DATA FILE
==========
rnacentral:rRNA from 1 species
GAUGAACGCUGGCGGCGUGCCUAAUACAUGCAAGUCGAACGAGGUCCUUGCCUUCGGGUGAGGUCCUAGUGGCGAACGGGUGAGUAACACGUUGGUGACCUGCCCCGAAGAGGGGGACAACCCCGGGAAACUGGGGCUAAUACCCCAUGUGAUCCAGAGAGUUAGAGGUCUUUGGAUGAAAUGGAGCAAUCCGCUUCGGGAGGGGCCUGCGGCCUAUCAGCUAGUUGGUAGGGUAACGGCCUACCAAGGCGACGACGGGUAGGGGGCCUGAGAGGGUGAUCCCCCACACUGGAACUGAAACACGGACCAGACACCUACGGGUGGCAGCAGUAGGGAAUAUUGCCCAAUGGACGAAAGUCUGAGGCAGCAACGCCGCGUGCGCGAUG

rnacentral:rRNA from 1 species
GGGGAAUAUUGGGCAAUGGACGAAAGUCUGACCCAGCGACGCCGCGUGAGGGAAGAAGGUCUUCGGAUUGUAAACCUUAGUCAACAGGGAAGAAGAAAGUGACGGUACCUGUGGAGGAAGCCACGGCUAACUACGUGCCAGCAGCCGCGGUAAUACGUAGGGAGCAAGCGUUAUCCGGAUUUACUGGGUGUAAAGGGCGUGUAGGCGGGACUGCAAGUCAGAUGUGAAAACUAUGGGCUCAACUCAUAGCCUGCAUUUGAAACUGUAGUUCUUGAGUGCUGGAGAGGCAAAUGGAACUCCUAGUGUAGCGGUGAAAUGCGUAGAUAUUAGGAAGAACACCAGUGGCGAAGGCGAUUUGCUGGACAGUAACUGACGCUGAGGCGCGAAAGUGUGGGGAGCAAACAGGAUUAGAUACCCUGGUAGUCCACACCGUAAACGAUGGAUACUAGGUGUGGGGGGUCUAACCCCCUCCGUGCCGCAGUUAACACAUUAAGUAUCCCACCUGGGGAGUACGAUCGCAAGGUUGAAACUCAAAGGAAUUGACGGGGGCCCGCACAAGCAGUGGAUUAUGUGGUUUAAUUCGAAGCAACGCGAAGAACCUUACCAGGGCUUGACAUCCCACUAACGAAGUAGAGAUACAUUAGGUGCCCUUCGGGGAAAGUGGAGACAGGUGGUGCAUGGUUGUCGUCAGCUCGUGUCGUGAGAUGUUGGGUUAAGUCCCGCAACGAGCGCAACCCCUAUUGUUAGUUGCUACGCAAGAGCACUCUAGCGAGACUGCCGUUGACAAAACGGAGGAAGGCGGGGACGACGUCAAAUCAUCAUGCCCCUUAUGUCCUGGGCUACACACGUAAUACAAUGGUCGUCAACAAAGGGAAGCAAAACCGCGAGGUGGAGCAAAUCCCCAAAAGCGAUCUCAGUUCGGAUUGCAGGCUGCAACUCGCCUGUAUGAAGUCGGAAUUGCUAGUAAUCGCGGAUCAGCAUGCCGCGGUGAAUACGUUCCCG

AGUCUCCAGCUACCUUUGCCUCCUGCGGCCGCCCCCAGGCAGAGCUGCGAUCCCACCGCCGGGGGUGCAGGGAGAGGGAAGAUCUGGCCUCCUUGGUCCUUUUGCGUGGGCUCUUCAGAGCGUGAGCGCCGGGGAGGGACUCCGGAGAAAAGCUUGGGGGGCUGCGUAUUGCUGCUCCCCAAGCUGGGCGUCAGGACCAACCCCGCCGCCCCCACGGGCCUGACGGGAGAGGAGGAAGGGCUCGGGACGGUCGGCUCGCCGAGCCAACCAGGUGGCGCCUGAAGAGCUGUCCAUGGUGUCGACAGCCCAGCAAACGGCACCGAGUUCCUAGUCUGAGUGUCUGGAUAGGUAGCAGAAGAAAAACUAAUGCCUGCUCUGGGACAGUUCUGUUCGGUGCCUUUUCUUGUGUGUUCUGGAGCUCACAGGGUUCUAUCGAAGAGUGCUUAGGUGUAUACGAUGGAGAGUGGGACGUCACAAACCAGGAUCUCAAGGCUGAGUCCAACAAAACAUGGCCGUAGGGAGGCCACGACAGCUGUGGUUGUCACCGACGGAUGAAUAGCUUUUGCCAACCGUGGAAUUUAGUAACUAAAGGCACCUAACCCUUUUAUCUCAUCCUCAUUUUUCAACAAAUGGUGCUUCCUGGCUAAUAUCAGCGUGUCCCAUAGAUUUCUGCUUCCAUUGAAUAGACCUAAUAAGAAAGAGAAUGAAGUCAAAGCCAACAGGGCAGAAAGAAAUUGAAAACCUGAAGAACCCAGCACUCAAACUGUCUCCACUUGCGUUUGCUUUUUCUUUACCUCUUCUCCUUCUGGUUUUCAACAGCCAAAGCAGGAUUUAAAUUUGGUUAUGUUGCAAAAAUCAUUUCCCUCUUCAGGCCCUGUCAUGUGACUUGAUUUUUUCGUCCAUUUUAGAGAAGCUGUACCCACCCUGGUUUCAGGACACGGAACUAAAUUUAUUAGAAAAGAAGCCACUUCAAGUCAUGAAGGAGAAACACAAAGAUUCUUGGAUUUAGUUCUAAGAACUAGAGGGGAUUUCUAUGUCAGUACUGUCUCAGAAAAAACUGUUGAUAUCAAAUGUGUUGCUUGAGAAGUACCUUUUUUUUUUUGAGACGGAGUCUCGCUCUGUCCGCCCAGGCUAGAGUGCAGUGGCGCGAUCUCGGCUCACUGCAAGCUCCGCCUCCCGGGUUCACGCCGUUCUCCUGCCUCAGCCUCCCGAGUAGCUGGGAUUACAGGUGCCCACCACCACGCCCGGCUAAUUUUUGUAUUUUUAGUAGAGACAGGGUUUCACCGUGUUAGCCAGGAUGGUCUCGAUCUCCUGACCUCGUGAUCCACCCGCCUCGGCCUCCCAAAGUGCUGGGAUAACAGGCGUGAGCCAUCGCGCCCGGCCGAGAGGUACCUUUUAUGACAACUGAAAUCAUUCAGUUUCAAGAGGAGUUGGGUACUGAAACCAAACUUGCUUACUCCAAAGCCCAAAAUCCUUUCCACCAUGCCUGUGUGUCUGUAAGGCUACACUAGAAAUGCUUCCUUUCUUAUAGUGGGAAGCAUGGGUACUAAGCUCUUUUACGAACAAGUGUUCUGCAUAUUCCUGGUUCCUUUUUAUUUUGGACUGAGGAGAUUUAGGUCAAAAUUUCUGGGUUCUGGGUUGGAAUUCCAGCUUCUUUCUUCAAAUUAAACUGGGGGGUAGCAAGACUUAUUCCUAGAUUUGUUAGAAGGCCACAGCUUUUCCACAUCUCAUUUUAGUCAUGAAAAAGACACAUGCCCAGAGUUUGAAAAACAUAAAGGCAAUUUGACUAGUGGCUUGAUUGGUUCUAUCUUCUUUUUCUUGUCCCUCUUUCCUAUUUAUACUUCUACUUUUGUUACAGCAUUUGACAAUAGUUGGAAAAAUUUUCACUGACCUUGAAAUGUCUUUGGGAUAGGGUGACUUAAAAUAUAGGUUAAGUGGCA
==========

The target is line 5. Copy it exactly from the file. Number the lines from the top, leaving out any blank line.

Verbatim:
AGUCUCCAGCUACCUUUGCCUCCUGCGGCCGCCCCCAGGCAGAGCUGCGAUCCCACCGCCGGGGGUGCAGGGAGAGGGAAGAUCUGGCCUCCUUGGUCCUUUUGCGUGGGCUCUUCAGAGCGUGAGCGCCGGGGAGGGACUCCGGAGAAAAGCUUGGGGGGCUGCGUAUUGCUGCUCCCCAAGCUGGGCGUCAGGACCAACCCCGCCGCCCCCACGGGCCUGACGGGAGAGGAGGAAGGGCUCGGGACGGUCGGCUCGCCGAGCCAACCAGGUGGCGCCUGAAGAGCUGUCCAUGGUGUCGACAGCCCAGCAAACGGCACCGAGUUCCUAGUCUGAGUGUCUGGAUAGGUAGCAGAAGAAAAACUAAUGCCUGCUCUGGGACAGUUCUGUUCGGUGCCUUUUCUUGUGUGUUCUGGAGCUCACAGGGUUCUAUCGAAGAGUGCUUAGGUGUAUACGAUGGAGAGUGGGACGUCACAAACCAGGAUCUCAAGGCUGAGUCCAACAAAACAUGGCCGUAGGGAGGCCACGACAGCUGUGGUUGUCACCGACGGAUGAAUAGCUUUUGCCAACCGUGGAAUUUAGUAACUAAAGGCACCUAACCCUUUUAUCUCAUCCUCAUUUUUCAACAAAUGGUGCUUCCUGGCUAAUAUCAGCGUGUCCCAUAGAUUUCUGCUUCCAUUGAAUAGACCUAAUAAGAAAGAGAAUGAAGUCAAAGCCAACAGGGCAGAAAGAAAUUGAAAACCUGAAGAACCCAGCACUCAAACUGUCUCCACUUGCGUUUGCUUUUUCUUUACCUCUUCUCCUUCUGGUUUUCAACAGCCAAAGCAGGAUUUAAAUUUGGUUAUGUUGCAAAAAUCAUUUCCCUCUUCAGGCCCUGUCAUGUGACUUGAUUUUUUCGUCCAUUUUAGAGAAGCUGUACCCACCCUGGUUUCAGGACACGGAACUAAAUUUAUUAGAAAAGAAGCCACUUCAAGUCAUGAAGGAGAAACACAAAGAUUCUUGGAUUUAGUUCUAAGAACUAGAGGGGAUUUCUAUGUCAGUACUGUCUCAGAAAAAACUGUUGAUAUCAAAUGUGUUGCUUGAGAAGUACCUUUUUUUUUUUGAGACGGAGUCUCGCUCUGUCCGCCCAGGCUAGAGUGCAGUGGCGCGAUCUCGGCUCACUGCAAGCUCCGCCUCCCGGGUUCACGCCGUUCUCCUGCCUCAGCCUCCCGAGUAGCUGGGAUUACAGGUGCCCACCACCACGCCCGGCUAAUUUUUGUAUUUUUAGUAGAGACAGGGUUUCACCGUGUUAGCCAGGAUGGUCUCGAUCUCCUGACCUCGUGAUCCACCCGCCUCGGCCUCCCAAAGUGCUGGGAUAACAGGCGUGAGCCAUCGCGCCCGGCCGAGAGGUACCUUUUAUGACAACUGAAAUCAUUCAGUUUCAAGAGGAGUUGGGUACUGAAACCAAACUUGCUUACUCCAAAGCCCAAAAUCCUUUCCACCAUGCCUGUGUGUCUGUAAGGCUACACUAGAAAUGCUUCCUUUCUUAUAGUGGGAAGCAUGGGUACUAAGCUCUUUUACGAACAAGUGUUCUGCAUAUUCCUGGUUCCUUUUUAUUUUGGACUGAGGAGAUUUAGGUCAAAAUUUCUGGGUUCUGGGUUGGAAUUCCAGCUUCUUUCUUCAAAUUAAACUGGGGGGUAGCAAGACUUAUUCCUAGAUUUGUUAGAAGGCCACAGCUUUUCCACAUCUCAUUUUAGUCAUGAAAAAGACACAUGCCCAGAGUUUGAAAAACAUAAAGGCAAUUUGACUAGUGGCUUGAUUGGUUCUAUCUUCUUUUUCUUGUCCCUCUUUCCUAUUUAUACUUCUACUUUUGUUACAGCAUUUGACAAUAGUUGGAAAAAUUUUCACUGACCUUGAAAUGUCUUUGGGAUAGGGUGACUUAAAAUAUAGGUUAAGUGGCA